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Clear runway to the future
The Bottom Line opinion

Clear runway to the future

The excellent planning by Aena for Malaga Airport should be news in itself. On the Costa del Sol, things normally only get done when the pressure becomes unbearable and they become obsolete shortly after their inauguration, requiring demands for expansion

Ignacio Lillo

Malaga

Friday, 12 January 2024, 16:29

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In a country where we are accustomed to infrastructure always arriving late, the excellent planning by Aena for Malaga Airport should be news in itself: not only because of the significance of an expansion project, which is certainly noteworthy, but also simply because they have had good foresight, working with a long-term perspective in the midst of a shameful general lack of vision.

Residents of the eastern side and the Guadalhorce area of Malaga province, to name just a few, succumb daily to traffic jams during rush hour because neither the government nor the regional administration has taken the precaution of creating new roads or promoting alternative means of transportation.

Not to mention the commuter trains, completely saturated with the lines pushed to the limit for those lucky enough to be able to use them; they are non-existent and with no hope of arriving for many large towns.

In Malaga and on the Costa del Sol, things only get done when the pressure becomes unbearable and, except for honourable exceptions like the A-7 western outer ring road, they become obsolete shortly after their inauguration, requiring demands for expansion.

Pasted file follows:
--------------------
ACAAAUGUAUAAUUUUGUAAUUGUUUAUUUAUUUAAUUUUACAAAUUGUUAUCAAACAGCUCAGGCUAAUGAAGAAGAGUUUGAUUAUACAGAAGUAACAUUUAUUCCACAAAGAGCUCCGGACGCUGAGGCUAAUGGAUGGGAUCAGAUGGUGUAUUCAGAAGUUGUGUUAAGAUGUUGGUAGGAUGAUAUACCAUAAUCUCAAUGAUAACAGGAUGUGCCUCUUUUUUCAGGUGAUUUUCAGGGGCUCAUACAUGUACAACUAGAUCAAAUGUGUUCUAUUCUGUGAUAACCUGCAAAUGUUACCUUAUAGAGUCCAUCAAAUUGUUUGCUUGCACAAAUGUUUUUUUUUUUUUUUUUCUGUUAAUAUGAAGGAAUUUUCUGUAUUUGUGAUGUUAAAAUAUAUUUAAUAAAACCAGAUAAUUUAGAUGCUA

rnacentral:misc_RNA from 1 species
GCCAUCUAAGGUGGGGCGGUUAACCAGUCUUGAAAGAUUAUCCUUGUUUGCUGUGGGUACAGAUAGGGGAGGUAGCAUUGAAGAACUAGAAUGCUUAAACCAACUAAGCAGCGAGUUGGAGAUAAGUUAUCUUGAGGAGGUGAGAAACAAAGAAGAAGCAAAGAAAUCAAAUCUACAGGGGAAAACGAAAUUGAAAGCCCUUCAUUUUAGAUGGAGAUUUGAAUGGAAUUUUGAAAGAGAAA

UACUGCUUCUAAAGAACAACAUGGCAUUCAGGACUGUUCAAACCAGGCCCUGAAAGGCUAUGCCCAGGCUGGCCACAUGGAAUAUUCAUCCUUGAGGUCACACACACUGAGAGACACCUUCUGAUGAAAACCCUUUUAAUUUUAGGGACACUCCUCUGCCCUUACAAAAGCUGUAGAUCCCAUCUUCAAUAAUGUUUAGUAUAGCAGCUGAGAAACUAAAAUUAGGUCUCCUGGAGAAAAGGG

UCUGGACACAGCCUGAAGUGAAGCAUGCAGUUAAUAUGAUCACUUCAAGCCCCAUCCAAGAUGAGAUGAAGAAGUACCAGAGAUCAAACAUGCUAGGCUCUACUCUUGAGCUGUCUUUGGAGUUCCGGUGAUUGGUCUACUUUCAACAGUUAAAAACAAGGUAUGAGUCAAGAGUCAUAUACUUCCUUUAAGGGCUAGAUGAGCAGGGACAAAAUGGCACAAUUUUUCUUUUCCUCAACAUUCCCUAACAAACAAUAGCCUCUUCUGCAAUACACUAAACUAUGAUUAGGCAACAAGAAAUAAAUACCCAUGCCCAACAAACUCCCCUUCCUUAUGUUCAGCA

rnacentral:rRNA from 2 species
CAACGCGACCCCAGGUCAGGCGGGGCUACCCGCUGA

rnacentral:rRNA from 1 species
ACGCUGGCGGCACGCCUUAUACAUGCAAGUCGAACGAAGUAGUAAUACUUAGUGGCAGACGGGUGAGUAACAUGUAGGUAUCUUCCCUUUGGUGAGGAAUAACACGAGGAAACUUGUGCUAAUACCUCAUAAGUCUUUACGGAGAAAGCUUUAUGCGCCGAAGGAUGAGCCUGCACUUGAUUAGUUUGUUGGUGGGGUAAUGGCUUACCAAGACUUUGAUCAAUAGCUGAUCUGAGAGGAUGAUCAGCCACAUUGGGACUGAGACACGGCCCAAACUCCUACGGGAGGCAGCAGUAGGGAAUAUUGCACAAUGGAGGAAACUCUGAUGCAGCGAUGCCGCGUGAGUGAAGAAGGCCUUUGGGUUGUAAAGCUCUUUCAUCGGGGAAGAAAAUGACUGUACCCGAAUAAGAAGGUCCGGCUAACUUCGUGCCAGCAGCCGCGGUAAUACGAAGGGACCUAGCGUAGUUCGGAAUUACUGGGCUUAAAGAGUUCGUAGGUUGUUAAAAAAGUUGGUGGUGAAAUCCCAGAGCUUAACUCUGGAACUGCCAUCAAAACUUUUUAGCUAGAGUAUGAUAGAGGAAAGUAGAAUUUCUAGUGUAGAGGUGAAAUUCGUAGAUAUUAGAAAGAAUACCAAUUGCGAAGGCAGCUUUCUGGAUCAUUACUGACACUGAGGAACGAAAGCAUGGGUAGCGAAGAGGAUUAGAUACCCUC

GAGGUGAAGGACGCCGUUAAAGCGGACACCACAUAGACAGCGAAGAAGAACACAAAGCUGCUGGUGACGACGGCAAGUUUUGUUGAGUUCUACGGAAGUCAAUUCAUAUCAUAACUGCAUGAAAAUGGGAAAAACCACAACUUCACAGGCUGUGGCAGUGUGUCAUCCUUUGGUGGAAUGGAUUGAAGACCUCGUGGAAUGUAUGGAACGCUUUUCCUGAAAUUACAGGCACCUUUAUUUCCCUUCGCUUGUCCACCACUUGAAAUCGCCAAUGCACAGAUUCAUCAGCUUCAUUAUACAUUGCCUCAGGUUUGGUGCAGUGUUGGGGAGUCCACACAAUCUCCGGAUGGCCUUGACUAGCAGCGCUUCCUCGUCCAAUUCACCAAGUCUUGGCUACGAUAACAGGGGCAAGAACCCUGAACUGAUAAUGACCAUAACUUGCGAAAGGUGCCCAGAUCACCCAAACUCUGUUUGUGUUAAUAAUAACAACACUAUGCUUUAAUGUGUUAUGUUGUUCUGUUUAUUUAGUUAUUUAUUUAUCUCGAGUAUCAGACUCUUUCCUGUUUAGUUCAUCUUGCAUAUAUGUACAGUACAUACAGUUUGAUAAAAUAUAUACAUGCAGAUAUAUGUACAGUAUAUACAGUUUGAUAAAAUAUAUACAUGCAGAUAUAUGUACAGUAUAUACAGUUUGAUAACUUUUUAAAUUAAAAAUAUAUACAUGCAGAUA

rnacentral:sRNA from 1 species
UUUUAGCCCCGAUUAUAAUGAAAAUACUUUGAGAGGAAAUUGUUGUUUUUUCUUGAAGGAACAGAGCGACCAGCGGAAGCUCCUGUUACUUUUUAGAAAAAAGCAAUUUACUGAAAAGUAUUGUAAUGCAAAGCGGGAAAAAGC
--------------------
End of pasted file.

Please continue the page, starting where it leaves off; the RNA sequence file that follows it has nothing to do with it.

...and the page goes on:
In this beautiful land, a Mecca for many who dream of living here, reality always surpasses statistics, and if something is sized to serve one million, it should have been made for two or three.

Look at Malaga's metro, which reached the city centre and needed to increase its fleet (however, in this case its managers were foresighted and ordered the trains in advance); and very soon, it will be necessary to operate with double-length trains, especially during the peak hours of the city's major events, such as Holy Week.

And now the airport has given us an unexpected surprise. Discreetly, without seeking out the spotlight, its officials have commissioned one of the major aeronautical design firms, none other than the Malaga-based Aertec, to start planning the expansion of Terminal T3... for the next decade (the 2030s).

The growth of this past year has been staggering, and the final figure will be over 21 million passengers; although there is still plenty of room before it reaches its current capacity limit, which is 30 million.

In any other case (roads, trains, etc.), they would wait until it burst, and then see what to do, but Aena doesn't operate that way, probably because it is a mixed company, and its profits depend on things working smoothly. At least with our air connections, of which we are so proud, Malaga has a clear runway to the future.

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